Jackson Park was originally laid out by Frederick Law Olmsted. The Ho-o-den (Phoenix) Temple was built by the Japanese Government for the 1893 Worlds Columbian Exhibition and was one of the few buildings to remain after the fair closed. In 1933, the Japanese Government again assisted in the development of the Garden and Traditional Nippon Tea House for the Century of Progress World’s Fair. The Ho-o-den Temple survived until just after WWII, but was destroyed by a fire in 1946. In the past 50 years it has been renovated several times in cooperation with the city of Osaka Japan and has a strong historical connection with the Japanese American Community in Chicago. The original traditional Japanese Garden was designed by George Shimoda.
The garden which exists today is small, but well designed and well maintained. It sits on a small wooded island sitting in a large shallow pond. There is a traditional Japanese Garden Wall and Entry Gate, leading to a Tea House (or Pavilion) at the top of the hill with a path winding down to a waterfall that falls into a Koi Pond with a Japanese Bridge in the distance. The Trees and Landscape Plantings are in excellent condition, Cherry, Crab and Service Berry, as well as many evergreens, mixed in with good rock formations and some rare carved stone sculptures. The Kasuga Lantern is one of the lamps that survived from 1893 - It takes its name from the Kasuga Shrine in Nara, Japan.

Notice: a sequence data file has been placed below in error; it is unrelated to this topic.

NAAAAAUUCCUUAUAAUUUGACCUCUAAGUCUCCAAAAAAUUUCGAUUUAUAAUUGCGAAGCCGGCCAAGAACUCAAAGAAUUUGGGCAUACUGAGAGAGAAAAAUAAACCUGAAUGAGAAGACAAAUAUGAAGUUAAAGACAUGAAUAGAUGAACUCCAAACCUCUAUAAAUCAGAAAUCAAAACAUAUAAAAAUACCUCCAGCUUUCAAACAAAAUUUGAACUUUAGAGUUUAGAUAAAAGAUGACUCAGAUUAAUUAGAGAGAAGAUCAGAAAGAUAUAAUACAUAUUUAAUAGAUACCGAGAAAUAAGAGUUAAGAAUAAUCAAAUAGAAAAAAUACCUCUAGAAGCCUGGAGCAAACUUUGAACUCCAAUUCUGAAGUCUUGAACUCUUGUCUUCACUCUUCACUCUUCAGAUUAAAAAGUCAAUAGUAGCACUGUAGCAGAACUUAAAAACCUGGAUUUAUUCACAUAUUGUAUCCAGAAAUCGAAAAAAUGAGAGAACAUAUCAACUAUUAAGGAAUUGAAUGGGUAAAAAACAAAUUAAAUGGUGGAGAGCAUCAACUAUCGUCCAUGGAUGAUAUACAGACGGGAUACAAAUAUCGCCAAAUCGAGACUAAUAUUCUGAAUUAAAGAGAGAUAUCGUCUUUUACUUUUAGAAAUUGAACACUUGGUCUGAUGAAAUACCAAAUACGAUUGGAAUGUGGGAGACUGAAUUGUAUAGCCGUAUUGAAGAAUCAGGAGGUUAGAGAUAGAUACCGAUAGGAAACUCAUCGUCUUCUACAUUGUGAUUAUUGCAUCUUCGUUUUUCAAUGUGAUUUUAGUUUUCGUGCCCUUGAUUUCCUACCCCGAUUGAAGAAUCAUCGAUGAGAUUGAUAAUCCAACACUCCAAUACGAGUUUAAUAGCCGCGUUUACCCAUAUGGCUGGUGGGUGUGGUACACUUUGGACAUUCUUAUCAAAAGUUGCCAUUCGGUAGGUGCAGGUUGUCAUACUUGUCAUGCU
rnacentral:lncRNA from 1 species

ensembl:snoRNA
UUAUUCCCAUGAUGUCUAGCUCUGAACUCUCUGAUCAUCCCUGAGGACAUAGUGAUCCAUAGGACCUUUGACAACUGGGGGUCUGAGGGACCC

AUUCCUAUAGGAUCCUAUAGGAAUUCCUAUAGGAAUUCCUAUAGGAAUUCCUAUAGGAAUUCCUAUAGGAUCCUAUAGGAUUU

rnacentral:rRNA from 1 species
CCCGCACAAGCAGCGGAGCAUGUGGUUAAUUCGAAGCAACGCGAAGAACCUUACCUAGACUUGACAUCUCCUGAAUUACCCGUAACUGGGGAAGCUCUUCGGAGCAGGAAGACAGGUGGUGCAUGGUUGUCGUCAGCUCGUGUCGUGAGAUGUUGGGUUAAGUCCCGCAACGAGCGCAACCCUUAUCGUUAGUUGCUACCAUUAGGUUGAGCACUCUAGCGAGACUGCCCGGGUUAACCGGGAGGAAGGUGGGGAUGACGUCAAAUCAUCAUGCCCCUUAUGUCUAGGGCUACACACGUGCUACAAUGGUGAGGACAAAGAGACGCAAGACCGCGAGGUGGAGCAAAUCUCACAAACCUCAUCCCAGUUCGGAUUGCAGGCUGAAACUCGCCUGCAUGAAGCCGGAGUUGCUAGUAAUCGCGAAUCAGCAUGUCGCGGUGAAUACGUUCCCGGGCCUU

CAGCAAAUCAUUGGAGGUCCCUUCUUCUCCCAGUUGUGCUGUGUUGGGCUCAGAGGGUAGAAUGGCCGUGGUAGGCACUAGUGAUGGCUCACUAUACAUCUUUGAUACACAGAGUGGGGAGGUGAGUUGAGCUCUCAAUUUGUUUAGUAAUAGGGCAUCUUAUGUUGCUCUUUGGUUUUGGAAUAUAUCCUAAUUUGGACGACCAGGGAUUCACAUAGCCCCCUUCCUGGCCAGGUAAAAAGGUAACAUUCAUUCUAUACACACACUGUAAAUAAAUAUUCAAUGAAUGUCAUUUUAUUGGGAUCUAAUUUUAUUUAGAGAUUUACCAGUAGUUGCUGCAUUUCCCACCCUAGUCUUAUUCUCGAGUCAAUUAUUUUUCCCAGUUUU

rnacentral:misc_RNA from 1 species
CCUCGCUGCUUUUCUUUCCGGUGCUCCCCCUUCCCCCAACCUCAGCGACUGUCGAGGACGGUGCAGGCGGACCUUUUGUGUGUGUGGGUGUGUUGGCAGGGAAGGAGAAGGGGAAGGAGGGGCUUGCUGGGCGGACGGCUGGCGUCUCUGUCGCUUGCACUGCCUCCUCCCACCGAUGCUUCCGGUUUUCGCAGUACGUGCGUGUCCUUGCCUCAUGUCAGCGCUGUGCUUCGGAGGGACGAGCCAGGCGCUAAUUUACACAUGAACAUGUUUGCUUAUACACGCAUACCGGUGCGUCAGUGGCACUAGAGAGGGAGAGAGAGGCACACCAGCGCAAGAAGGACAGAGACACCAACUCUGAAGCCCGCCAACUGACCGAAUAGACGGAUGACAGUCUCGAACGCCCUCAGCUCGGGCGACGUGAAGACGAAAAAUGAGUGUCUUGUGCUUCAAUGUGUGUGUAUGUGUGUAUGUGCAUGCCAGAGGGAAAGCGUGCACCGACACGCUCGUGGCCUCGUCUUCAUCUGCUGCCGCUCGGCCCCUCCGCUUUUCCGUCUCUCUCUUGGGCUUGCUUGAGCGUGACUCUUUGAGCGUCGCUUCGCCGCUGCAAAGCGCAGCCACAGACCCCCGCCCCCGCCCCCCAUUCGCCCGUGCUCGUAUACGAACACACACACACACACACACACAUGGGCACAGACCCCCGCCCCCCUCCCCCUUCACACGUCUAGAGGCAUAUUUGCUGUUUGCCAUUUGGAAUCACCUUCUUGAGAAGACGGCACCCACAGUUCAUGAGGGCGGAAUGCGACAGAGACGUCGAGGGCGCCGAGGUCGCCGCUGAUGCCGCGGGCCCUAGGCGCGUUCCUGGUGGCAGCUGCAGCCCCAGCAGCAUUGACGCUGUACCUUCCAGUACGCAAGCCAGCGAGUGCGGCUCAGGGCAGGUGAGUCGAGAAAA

The City of Chicago is currently renovating Jackson Park with The Garden of the Phoenix as the center point of the new City Park and Amphitheater.